NATIONAL HARBOR, MD. – In a pooled analysis of three trials conducted with the transcatheter Carillon Mitral Contour System for mitral valve repair, the 5-year survival is 56.2%, which is an encouraging outcome that justifies the ongoing multinational pivotal Carillon trial, according to the principal investigator of the analysis presented at CRT 2020 sponsored by MedStar Heart & Vascular Institute.
In patients with functional mitral valve regurgitation (FMR), “the Carillon device shows extremely encouraging long-term mortality data from prospective controlled trials in comparison with guideline-directed medical therapy or with the COAPT results,” according to, PhD, department of cardiology, University Hospital, Clermont-Ferrand, France.
The COAPT trial is an important benchmark, because it was the first large, randomized trial to show benefit for a percutaneous device in the treatment of heart failure patients with moderate to severe FMR (). The study associated the MitraClip with a nearly 40% reduction in all-cause mortality (29.1% vs. 46.1%) at 24 months, relative to guideline-directed medical therapy (GDMT).
The Carillon device, which is also delivered percutaneously, does not engage the valve leaflets to treat FMR. Rather, it is anchored in coronary sinus to reform the mitral annulus. This reduces FMR without damage to the mitral valve, thus preserving the potential for future valve repairs, according to Dr. Lipiecki, who reported that more than 1,100 devices have now been implanted, mostly in Europe.
The data so far are encouraging, said Dr. Lipiecki, who provided survival data in 74 patients followed for at least 5 years. Of these, 23 were drawn from the REDUCE FMR trial, which was blinded and sham controlled, and the remainder from the TITAN and TITAN II studies, which were prospective but not controlled.
In this series of 74 patients, there were no serious complications associated with the procedure, and all achieved a reduction in mitral regurgitation at 12 months, Dr. Lipiecki said. Furthermore, the reduction in FMR was associated with improvements in symptoms and “favorable remodeling” reflected in reduced left ventricular volume, he said.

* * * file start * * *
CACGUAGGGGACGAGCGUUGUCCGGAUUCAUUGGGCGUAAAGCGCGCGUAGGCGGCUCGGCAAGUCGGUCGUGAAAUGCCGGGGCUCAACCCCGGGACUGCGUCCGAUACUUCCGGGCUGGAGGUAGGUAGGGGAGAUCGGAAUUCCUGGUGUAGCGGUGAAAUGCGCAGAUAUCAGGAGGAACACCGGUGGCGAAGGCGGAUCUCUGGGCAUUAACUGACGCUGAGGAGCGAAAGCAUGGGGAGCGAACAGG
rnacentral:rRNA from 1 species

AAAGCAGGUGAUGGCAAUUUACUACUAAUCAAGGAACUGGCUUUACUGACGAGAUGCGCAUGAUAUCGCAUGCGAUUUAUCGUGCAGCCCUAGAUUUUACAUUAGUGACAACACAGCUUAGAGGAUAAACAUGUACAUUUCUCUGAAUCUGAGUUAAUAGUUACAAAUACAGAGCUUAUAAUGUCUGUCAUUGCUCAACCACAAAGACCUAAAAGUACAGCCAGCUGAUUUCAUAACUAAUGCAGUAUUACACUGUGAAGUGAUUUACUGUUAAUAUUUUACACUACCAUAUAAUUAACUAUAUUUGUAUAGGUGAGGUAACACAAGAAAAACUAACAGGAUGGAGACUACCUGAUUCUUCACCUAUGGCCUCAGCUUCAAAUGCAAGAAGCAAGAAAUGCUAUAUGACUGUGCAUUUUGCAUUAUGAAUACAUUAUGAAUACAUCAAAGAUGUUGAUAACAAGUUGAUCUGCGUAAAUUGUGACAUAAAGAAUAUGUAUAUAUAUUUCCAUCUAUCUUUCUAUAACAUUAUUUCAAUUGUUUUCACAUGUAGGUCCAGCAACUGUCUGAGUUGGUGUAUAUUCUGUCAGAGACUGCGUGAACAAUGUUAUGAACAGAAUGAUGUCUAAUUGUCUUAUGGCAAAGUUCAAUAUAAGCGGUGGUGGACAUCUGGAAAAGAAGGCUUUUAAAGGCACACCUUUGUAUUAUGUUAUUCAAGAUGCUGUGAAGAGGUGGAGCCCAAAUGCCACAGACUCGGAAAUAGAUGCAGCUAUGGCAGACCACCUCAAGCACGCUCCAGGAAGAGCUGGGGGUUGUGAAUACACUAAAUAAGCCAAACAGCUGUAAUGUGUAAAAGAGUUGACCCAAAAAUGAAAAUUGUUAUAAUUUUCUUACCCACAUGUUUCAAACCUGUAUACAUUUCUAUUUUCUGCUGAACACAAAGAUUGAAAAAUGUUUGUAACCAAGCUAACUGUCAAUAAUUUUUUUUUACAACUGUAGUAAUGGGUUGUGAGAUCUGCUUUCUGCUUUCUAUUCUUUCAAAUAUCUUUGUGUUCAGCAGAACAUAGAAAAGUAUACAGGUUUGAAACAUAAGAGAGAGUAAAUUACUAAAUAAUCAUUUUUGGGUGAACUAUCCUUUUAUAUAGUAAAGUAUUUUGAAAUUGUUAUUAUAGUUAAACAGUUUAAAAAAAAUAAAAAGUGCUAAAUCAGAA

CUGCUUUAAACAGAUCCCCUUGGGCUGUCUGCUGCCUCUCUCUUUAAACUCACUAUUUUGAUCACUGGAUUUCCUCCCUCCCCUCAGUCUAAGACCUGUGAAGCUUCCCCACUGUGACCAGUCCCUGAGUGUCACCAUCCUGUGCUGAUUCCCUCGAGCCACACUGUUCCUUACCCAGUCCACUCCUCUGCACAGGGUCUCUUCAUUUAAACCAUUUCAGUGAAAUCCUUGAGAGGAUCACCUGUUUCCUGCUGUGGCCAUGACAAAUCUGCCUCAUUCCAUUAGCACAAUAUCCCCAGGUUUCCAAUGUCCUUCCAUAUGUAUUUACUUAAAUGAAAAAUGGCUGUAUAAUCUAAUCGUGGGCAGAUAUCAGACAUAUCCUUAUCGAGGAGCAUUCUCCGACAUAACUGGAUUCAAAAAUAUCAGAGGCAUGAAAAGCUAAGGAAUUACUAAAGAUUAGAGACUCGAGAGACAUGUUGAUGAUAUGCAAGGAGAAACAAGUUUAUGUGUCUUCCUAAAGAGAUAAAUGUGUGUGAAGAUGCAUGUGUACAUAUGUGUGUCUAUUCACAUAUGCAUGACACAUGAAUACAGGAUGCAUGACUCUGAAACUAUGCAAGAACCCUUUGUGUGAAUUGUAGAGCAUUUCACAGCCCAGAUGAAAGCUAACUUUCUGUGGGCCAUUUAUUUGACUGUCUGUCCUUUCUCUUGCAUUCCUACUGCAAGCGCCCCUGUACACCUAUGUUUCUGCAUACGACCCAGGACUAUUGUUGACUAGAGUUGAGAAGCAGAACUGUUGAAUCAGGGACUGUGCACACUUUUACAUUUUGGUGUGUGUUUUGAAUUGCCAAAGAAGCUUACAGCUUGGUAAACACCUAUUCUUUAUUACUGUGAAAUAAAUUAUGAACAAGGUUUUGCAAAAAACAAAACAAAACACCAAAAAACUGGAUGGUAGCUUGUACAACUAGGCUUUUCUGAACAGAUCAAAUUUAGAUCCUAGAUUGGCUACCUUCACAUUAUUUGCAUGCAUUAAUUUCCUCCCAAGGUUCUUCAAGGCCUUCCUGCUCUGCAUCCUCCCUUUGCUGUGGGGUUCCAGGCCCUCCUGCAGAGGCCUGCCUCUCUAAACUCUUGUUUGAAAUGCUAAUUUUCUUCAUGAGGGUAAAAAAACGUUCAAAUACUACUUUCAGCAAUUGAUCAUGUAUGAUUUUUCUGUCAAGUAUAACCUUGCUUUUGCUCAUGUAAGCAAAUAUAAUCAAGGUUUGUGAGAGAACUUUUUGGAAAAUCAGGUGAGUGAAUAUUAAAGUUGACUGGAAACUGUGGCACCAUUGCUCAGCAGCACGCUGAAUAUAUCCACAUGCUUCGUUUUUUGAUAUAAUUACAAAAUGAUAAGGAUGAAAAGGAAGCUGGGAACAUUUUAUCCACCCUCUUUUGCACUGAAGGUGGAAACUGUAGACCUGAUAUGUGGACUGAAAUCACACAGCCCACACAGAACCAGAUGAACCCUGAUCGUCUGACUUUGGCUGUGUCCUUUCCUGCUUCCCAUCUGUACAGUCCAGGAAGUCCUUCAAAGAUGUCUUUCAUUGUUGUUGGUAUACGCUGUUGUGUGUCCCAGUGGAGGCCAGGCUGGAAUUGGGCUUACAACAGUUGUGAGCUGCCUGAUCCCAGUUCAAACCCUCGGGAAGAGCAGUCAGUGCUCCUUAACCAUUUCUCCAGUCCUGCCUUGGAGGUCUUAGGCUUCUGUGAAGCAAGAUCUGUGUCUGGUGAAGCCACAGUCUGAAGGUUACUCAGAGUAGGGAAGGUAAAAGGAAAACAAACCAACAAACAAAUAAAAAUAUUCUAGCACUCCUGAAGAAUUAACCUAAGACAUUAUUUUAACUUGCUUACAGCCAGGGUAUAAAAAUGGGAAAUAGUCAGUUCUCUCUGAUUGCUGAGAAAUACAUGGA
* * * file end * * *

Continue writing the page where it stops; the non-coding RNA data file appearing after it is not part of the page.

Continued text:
In this series, the 5-year survival is 56%, which substantially exceeds what would be expected with GDMT, according to Dr. Lipiecki.
There were no baseline predictors of long-term survival, but improvements within the 6 months in functional heart class, 6-minute walk distance (6MWD), and mitral regurgitation were significantly associated with a greater likelihood of being alive at 5 years.
Although there is no comparable follow-up with other devices, including the MitraClip, Dr. Lipiecki did compare the 67.9% survival at 3 years in this series to that of the COAPT trial. He restricted the comparison to those treated for grade 3+ or 4+ mitral regurgitation. At 36 months, survival rates were 57.2% and 44.5% for those treated with MitraClip and GDMT, respectively.
“COAPT patients might not be comparable for a variety of reasons, including the anatomic restrictions important to the use of either of these devices,” Dr. Lipiecki acknowledged, but he said the long-term data with the Carillon device provide support for the pivotal Carillon trial now enrolling.
In this blinded trial, more than 350 patients at 75 sites are being randomized to placement of the Carillon device, which has been available in Europe since 2011, or a sham procedure. The trial is scheduled for completion in 2025.